How the science behind ACS awards impacts your life.
Prized Science is a video series featuring the work and contributions of recipients who won ACS awards. Watch, listen, and discover how the chemistry behind ACS’ awards transforms our lives.
Ep. 7: “Stephen J. Lippard - Winner of the 2014 Priestley Medal"
Stephen J. Lippard is the winner of the 2014 American Chemical Society Priestley Medal, the highest honor given by ACS. Lippard helped create the field of bioinorganic chemistry, which explores the crucial role of metals in biology. His work also led to a better understanding of the mechanism of cisplatin — sometimes termed "the penicillin of cancer" for its wide-ranging effects — and opened the door to efforts to develop more effective anti-cancer medications.
Ep. 1: “Peter Stang: Building Molecules”
Peter Stang is the winner of the 2013 American Chemical Society Priestley Medal, the highest honor given by ACS, for his work building new molecules via “self-assembly," an approach inspired by nature. The molecules created by Stang's group could being used in medicines that exclusively target cancer cells, in chemical sensors that detect explosives and other promising applications.
Ep. 2: "Tim Swager: The World's Most Sensitive Bomb Detector"
Tim M. Swager is the 2013 winner of the ACS Award for Creative Invention for his work on the world’s most sensitive explosive detector to date. Known as FIDO, the handheld detector has been used to detect roadside bombs in Iraq, as well as homeland security operations and in airport security.
Ep. 3: "Greg Robinson: Chemical Detectives - Preparing New Matter in the Universe"
Imagine creating something completely new — something improbable and provocative that has never existed on Earth before. This kind of unconventional science is the focus of Gregory H. Robinson, Ph.D., winner of the 2013 F. Albert Cotton Award in Synthetic Inorganic Chemistry. The Cotton Award recognizes Robinson’s success harnessing finicky, unstable elements.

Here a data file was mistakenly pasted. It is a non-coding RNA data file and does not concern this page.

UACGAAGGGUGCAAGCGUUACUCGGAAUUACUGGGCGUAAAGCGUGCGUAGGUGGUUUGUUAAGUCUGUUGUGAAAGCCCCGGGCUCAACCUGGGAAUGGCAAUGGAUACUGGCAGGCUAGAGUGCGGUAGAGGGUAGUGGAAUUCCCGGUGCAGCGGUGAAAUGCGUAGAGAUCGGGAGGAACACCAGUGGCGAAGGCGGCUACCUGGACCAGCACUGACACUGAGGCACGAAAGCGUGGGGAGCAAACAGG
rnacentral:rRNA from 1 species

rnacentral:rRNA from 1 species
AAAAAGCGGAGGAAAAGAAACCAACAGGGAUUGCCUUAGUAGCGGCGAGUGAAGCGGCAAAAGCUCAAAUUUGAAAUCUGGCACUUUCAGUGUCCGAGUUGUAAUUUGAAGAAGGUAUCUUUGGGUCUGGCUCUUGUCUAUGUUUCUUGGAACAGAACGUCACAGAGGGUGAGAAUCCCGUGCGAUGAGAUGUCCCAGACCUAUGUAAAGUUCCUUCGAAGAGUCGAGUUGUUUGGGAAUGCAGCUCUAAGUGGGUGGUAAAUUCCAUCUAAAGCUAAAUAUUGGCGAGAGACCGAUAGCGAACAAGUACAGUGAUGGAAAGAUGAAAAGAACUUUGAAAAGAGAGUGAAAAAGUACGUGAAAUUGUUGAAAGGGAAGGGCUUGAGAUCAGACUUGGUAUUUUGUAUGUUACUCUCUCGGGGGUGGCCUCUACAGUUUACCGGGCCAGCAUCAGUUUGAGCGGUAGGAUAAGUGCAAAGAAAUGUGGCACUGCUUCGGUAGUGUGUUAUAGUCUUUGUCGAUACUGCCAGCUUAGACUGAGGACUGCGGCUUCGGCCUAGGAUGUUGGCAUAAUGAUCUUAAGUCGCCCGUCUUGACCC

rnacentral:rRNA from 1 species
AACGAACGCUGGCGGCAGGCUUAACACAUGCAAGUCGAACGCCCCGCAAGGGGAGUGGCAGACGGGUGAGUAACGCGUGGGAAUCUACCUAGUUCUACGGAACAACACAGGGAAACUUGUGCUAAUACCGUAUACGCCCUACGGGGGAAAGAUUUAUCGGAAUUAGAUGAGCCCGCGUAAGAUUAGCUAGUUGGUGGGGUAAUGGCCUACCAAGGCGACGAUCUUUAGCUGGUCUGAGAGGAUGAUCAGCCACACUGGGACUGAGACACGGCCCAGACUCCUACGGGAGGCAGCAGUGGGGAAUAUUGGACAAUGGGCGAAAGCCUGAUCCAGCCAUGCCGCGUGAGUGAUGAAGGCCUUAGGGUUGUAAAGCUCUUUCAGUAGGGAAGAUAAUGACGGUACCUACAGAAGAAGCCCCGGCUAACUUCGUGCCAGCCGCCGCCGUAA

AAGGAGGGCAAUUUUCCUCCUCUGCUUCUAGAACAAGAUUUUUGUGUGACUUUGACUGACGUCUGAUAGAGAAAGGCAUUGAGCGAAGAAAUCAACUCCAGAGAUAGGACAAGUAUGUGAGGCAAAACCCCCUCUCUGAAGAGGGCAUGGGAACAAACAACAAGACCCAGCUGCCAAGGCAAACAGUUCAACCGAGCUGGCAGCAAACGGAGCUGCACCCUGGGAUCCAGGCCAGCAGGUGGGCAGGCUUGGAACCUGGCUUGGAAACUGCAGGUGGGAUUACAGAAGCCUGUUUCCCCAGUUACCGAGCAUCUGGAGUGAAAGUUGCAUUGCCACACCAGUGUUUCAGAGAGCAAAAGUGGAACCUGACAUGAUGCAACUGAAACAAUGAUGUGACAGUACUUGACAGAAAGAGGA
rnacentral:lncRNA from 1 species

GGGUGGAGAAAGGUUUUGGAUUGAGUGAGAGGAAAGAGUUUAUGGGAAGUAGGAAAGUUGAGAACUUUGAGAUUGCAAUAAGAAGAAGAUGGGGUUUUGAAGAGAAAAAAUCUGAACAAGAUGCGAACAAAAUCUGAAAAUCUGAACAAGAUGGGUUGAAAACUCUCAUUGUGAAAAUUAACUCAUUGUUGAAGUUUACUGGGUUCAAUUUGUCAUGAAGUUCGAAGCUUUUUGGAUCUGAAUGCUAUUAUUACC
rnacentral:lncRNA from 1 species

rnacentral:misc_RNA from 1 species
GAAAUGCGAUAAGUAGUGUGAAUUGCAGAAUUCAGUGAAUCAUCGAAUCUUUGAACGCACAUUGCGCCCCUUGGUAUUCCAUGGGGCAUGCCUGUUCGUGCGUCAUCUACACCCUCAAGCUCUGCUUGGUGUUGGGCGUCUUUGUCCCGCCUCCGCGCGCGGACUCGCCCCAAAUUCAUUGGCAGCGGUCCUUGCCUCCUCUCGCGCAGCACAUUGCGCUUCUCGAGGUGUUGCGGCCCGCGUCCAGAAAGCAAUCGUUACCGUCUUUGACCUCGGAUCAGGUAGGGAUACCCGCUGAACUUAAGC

Ep. 4: "Shirley O. Corriher: Chemistry and Cooking"
One of Shirley O. Corriher’s first lessons on how chemistry meets cooking came in the form of scrambled eggs stuck to a frying pan. That experience set the former biochemist on a journey to become an award-winning food writer. For her success in bringing science in the home, Corriher was awarded this year's James T. Grady-James H. Stack Award for Interpreting Chemistry for the Public.
Ep. 5: "Isiah Warner: New Orleans Nanotech - "GUMBOS" promise new drugs and electronics"
A group of nanoparticles called “GUMBOS” is as varied as their culinary namesake implies, with a wide range of potential applications from cancer therapy tosensors. Isiah Warner, Ph.D., won the ACS Award in Analytical Chemistry for his work on GUMBOS and other innovative research.
Ep. 6: "Esther S. Takeuchi - Building life-saving batteries"
The engineering feat that enables a device to jolt a dangerously misbehaving heart back to its normal rhythm and save millions of lives is featured in our last Prized Science episode of 2013. Renowned inventor Esther S. Takeuchi, Ph.D., won this year’s E. V. Murphree Award in Industrial and Engineering Chemistry for her work on the battery that powers implantable cardiac defibrillators (ICDs). When heartbeats go haywire, ICDs can deliver a life-saving shock to help the heart resume a normal rhythm.
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